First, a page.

Alpinia caerulea

Native Ginger

Family: Zingiberaceae

Alpinia caerulea is an understorey perennial lily-type plant (not woody) growing to 3 m high in rainforests and wet sclerophyll forests in eastern Australia. It is found north of Gosford in NSW and extends along the coast into Queensland. It is related to species such as Ginger.

The sword-shaped leaves are up to 40 cm long and to 10 cm wide. They can have dark red undersides, which lends to its beauty.
The leaves are produced on non-woody palm-like stems which emerge from a ginger-like rhizome.

The flowers have a modified structure but have flower parts somewhat like a lily (i.e. monocot) with 6 tepals, some of which are fused into a tube. Each flower has a front wide showy tepal (which is a landing pad for insects). Flowers are produced in a terminal spike-like head up to 30 cm long and are mainly white but with yellow and red parts.

The blue seed capsule is globose, to 1 cm across, with a brittle outer covering containing black seed and white pulp.

In the garden

A hardy plant in cultivation and it prefers a lightly shaded to full shade position and will form a clump to 2 metres tall. Can also be used indoors. Not frost tolerant and prefers a warm climate. Lends well to rainforest and tropical gardens.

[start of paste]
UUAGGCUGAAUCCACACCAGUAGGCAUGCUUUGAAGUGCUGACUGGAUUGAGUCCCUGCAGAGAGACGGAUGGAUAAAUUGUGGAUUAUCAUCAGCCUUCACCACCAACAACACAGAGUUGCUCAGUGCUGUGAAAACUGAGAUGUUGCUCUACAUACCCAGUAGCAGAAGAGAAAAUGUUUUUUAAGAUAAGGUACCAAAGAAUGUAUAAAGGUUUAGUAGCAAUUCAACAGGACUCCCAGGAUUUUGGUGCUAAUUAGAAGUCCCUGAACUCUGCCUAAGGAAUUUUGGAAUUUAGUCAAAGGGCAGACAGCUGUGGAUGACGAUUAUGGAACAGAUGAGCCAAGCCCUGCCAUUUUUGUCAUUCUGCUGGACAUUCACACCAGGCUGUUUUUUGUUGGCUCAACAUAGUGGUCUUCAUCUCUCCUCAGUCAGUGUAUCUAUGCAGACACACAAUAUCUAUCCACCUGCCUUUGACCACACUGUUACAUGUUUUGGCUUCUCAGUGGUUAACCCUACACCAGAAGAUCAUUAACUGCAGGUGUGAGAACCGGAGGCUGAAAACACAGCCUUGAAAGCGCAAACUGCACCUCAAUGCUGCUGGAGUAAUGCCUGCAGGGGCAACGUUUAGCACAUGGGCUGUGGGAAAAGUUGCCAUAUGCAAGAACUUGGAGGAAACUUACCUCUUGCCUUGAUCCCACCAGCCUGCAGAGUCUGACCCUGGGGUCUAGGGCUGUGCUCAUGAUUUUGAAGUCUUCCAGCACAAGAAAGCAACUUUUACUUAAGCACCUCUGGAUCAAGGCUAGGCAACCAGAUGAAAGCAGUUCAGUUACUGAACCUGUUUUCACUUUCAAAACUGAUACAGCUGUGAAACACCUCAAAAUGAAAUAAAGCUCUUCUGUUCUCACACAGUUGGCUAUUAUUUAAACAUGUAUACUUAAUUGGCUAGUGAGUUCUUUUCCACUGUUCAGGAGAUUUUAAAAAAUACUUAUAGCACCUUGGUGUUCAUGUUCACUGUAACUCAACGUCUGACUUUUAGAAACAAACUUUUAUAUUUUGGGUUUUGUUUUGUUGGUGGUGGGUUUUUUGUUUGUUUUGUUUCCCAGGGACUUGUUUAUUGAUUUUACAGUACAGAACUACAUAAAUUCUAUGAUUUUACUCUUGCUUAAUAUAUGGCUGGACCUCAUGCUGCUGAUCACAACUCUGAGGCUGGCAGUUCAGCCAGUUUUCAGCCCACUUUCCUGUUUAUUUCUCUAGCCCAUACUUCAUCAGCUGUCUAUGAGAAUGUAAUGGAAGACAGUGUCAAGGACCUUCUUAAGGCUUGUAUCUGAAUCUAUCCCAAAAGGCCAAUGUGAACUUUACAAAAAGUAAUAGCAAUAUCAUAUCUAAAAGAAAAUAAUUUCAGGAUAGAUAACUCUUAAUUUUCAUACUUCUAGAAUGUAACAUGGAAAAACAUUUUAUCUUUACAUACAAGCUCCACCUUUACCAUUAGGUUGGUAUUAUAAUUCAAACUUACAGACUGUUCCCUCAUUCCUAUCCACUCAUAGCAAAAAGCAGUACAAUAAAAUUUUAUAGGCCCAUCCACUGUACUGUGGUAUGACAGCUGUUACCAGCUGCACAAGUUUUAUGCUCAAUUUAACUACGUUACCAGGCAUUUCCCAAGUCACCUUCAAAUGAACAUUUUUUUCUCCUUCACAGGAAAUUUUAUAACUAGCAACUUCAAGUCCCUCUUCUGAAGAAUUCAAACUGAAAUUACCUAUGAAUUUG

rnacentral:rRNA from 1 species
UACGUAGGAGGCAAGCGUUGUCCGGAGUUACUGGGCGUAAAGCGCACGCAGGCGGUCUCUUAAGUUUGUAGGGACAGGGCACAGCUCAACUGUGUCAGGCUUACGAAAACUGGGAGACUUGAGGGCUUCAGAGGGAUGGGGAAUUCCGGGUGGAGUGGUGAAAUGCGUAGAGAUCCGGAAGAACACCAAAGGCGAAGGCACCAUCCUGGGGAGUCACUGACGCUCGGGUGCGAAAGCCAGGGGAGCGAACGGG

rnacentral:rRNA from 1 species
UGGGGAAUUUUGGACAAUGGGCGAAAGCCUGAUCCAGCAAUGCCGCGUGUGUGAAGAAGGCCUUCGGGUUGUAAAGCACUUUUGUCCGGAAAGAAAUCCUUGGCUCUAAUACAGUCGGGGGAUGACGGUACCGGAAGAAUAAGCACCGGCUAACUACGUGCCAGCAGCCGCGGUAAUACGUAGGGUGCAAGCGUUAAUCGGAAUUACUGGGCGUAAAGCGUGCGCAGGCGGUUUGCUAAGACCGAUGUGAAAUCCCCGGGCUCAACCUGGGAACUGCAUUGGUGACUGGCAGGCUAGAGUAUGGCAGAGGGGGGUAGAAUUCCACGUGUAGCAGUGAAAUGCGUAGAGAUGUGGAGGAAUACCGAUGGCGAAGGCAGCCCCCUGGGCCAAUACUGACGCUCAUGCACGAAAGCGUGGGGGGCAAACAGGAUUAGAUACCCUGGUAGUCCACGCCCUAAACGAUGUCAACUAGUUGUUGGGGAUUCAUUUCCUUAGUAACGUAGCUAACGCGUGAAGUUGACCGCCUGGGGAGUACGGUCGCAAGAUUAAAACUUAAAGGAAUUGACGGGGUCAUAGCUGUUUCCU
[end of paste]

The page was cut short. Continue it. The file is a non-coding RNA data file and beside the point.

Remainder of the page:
Flowers attract bees and butterflies.

A good bush tucker – the centres of new shoots have mild gingery flavour and are excellent in various dishes as a ginger substitute. The roots can also be used in cooking, and have a more earthy resinous flavour.


Seed or rhizome division.

Other information

Likely fire retardant. Can likely regenerate easily from rhizomes after fire but unlikely to be in habitats exposed to fire.

Alpinia – is named in honour of Prospero Alpini (1553-1617), a 16th and 17th -century Italian doctor and botanist who specialized in exotic plants and discovered some very important aspects relating to plant pollination and use. The ginger-family genus Alpinia was named in his honour by Carolus Linnaeus.
caerulea – from the Latin caerulea / caeruleum – which means ‘blue’, ‘dark blue’ or ‘sky blue’ referring to the fruit colour.

Not considered at risk in the wild.


By Jeff Howes